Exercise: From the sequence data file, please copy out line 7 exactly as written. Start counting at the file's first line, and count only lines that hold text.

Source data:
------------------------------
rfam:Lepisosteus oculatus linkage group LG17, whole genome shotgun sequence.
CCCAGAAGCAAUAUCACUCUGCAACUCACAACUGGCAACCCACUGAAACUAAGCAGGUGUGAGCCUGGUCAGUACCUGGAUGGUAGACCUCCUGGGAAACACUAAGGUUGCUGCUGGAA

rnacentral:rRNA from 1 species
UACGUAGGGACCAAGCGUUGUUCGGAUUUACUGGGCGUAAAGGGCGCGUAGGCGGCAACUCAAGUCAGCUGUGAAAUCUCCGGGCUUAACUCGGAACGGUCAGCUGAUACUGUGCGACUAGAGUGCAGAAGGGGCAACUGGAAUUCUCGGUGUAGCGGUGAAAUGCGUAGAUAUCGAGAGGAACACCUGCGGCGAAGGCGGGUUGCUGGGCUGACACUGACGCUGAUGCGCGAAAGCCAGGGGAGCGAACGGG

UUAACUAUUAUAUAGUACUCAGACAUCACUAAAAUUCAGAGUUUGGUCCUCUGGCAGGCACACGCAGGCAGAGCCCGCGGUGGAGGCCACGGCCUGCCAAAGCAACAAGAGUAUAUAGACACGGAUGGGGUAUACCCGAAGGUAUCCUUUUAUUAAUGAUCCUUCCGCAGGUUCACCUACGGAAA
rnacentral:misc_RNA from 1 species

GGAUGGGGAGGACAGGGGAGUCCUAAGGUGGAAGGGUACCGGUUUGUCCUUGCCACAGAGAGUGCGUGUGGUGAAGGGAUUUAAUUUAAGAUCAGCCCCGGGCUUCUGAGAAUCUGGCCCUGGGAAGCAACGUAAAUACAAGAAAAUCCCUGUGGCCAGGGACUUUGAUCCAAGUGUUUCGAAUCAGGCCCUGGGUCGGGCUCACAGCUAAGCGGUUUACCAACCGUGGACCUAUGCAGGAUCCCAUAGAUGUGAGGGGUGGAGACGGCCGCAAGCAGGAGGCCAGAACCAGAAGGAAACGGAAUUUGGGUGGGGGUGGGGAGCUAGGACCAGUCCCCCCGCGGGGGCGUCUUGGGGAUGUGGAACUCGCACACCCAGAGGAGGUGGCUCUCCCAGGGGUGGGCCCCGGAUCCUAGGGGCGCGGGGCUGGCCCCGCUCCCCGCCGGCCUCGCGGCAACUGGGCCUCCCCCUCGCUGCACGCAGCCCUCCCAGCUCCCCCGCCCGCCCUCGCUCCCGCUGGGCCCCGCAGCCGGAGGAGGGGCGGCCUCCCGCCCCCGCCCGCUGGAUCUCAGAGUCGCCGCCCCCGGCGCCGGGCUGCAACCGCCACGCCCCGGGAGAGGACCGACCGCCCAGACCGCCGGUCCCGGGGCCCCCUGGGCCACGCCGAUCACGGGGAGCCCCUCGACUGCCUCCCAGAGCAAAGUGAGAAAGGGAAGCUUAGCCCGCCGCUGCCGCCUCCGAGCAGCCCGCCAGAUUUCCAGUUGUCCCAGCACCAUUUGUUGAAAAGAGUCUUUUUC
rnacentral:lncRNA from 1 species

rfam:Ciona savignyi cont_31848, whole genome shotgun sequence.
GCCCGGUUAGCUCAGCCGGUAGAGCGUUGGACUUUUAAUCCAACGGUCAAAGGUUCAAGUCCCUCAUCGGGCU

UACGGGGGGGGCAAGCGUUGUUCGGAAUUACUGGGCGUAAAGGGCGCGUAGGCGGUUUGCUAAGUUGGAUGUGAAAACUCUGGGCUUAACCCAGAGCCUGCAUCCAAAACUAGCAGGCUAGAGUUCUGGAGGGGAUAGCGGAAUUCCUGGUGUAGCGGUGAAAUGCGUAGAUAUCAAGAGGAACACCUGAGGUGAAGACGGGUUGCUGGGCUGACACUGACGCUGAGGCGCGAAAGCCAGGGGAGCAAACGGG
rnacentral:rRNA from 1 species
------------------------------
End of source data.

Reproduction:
GGAUGGGGAGGACAGGGGAGUCCUAAGGUGGAAGGGUACCGGUUUGUCCUUGCCACAGAGAGUGCGUGUGGUGAAGGGAUUUAAUUUAAGAUCAGCCCCGGGCUUCUGAGAAUCUGGCCCUGGGAAGCAACGUAAAUACAAGAAAAUCCCUGUGGCCAGGGACUUUGAUCCAAGUGUUUCGAAUCAGGCCCUGGGUCGGGCUCACAGCUAAGCGGUUUACCAACCGUGGACCUAUGCAGGAUCCCAUAGAUGUGAGGGGUGGAGACGGCCGCAAGCAGGAGGCCAGAACCAGAAGGAAACGGAAUUUGGGUGGGGGUGGGGAGCUAGGACCAGUCCCCCCGCGGGGGCGUCUUGGGGAUGUGGAACUCGCACACCCAGAGGAGGUGGCUCUCCCAGGGGUGGGCCCCGGAUCCUAGGGGCGCGGGGCUGGCCCCGCUCCCCGCCGGCCUCGCGGCAACUGGGCCUCCCCCUCGCUGCACGCAGCCCUCCCAGCUCCCCCGCCCGCCCUCGCUCCCGCUGGGCCCCGCAGCCGGAGGAGGGGCGGCCUCCCGCCCCCGCCCGCUGGAUCUCAGAGUCGCCGCCCCCGGCGCCGGGCUGCAACCGCCACGCCCCGGGAGAGGACCGACCGCCCAGACCGCCGGUCCCGGGGCCCCCUGGGCCACGCCGAUCACGGGGAGCCCCUCGACUGCCUCCCAGAGCAAAGUGAGAAAGGGAAGCUUAGCCCGCCGCUGCCGCCUCCGAGCAGCCCGCCAGAUUUCCAGUUGUCCCAGCACCAUUUGUUGAAAAGAGUCUUUUUC